Assessing capacity to decide on medical treatment : On human rights and the use of medical knowledge in the laws of England, Russia and Sweden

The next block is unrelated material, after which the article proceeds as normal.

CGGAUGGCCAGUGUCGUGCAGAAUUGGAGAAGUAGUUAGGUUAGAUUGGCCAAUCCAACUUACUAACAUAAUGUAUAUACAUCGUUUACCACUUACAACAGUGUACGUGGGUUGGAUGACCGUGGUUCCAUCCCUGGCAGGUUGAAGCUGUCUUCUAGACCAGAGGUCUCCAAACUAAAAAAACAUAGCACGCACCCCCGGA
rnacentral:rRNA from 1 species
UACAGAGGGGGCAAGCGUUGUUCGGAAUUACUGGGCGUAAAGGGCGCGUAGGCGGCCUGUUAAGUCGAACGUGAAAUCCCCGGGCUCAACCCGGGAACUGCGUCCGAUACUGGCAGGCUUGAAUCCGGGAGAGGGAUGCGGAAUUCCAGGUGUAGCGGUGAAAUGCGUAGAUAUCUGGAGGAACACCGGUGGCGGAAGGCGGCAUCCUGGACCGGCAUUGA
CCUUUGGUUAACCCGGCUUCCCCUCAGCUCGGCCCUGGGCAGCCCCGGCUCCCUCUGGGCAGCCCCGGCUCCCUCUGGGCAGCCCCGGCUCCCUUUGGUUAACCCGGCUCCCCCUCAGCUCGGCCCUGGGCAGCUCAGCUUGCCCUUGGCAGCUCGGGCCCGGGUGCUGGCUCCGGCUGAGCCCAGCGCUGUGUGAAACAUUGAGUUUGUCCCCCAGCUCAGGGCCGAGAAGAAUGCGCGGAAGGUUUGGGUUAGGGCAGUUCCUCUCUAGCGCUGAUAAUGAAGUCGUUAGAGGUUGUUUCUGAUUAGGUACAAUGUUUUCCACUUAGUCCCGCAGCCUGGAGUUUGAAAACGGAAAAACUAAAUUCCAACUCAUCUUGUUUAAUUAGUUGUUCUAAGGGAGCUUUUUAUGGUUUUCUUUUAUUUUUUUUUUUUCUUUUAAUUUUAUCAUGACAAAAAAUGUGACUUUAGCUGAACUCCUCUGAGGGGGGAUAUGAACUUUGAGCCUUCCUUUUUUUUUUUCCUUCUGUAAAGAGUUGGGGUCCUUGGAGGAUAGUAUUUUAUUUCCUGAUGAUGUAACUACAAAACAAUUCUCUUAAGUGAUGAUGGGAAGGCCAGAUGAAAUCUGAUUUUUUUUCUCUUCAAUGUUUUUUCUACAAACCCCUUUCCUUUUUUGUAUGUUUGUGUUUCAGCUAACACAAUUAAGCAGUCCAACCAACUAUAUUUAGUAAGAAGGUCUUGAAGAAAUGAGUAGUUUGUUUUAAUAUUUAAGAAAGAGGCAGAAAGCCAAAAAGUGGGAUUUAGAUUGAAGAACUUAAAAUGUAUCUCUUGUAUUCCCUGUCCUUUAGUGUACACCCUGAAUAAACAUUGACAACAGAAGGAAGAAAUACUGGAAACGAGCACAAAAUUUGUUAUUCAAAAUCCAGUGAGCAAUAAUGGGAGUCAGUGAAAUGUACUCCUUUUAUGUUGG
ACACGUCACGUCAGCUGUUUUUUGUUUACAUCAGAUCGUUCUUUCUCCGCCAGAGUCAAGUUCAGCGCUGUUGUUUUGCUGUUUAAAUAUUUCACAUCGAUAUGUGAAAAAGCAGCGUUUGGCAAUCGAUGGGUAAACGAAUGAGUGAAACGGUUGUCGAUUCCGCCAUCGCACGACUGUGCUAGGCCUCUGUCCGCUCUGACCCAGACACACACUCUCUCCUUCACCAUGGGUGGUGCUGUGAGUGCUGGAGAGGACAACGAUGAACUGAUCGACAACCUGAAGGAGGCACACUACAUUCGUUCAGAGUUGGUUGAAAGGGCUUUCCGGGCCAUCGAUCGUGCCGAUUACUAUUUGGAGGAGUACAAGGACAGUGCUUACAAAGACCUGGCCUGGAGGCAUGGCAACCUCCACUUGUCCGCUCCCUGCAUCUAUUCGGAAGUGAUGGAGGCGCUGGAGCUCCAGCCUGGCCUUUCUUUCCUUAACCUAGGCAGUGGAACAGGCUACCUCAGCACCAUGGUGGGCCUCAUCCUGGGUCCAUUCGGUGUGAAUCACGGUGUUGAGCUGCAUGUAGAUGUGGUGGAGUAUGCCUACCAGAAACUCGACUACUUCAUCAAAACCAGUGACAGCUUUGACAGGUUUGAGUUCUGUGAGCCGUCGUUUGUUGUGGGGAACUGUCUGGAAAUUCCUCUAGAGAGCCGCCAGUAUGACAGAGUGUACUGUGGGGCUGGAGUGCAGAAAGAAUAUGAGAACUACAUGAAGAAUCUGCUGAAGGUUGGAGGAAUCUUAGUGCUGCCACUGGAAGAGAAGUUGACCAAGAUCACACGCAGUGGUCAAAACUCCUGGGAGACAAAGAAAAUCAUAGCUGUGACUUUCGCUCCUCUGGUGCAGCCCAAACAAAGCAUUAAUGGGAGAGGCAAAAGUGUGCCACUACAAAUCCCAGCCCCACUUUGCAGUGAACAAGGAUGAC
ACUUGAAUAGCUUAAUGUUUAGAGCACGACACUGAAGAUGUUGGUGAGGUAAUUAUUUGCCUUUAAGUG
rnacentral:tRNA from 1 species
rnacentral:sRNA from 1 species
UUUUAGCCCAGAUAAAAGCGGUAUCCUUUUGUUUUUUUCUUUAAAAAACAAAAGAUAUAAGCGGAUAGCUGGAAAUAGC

Abstract: To provide a valid consent to – or refusal of – medical intervention, a patient must be legally capable to decide. This dissertation evaluates and compares when the assessment of mental abilities to refuse – or consent to – somatic medical intervention is required in England, Russia and Sweden, and what criteria must be applied to assess the ability to decide about somatic medical interventions in these legal orders. Two standards are used for evaluation and comparison. These standards are consistency with scientific knowledge of the decision-making process, and compliance with the United Nations and the Council of Europe human rights law requirements. The evaluation and comparison of the national legal orders seek to highlight the solutions and the potential difficulties that the domestic legal systems face when they attempt to realise the two standards.The analysis in the thesis indicates that the United Nations and the Council of Europe treaty bodies have chosen different approaches as to permissibility of capacity assessment procedures. It is argued that after adoption of the Convention on the Rights of Persons with Disabilities (CRPD), the capacity assessments of adults should not be allowed in healthcare.A number of common problems within the selected legal systems are identified and analysed in the thesis. The question of when capacity assessments must start has not yet received much attention at national levels, which results in an absence of foreseeability and a possibility for discriminating against patients on the grounds of disability or health. The thesis highlights the fact that the national law requirements to draw a distinction between mental and somatic disorders/care are particularly problematic, and may lead to arbitrariness. The questions as to the legal classification of capacity assessment procedures (whether they are medical interventions or the collection of personal data), and accordingly, the legal status of refusal or absence of consent are also poorly foreseeable, which may lead to a violation of the patient’s right to privacy.The analysis shows that the criteria for capacity assessments are regulated in a manner that inevitably leads to arbitrariness when deciding whether a patient can make healthcare decisions. It was shown that the criteria are interpreted differently by various actors, and no agreement as to the required level of performance is reached. It is also argued that capacity assessments rarely allow for achieving the goal of checking whether or not a patient can choose what to do with his or her own body.

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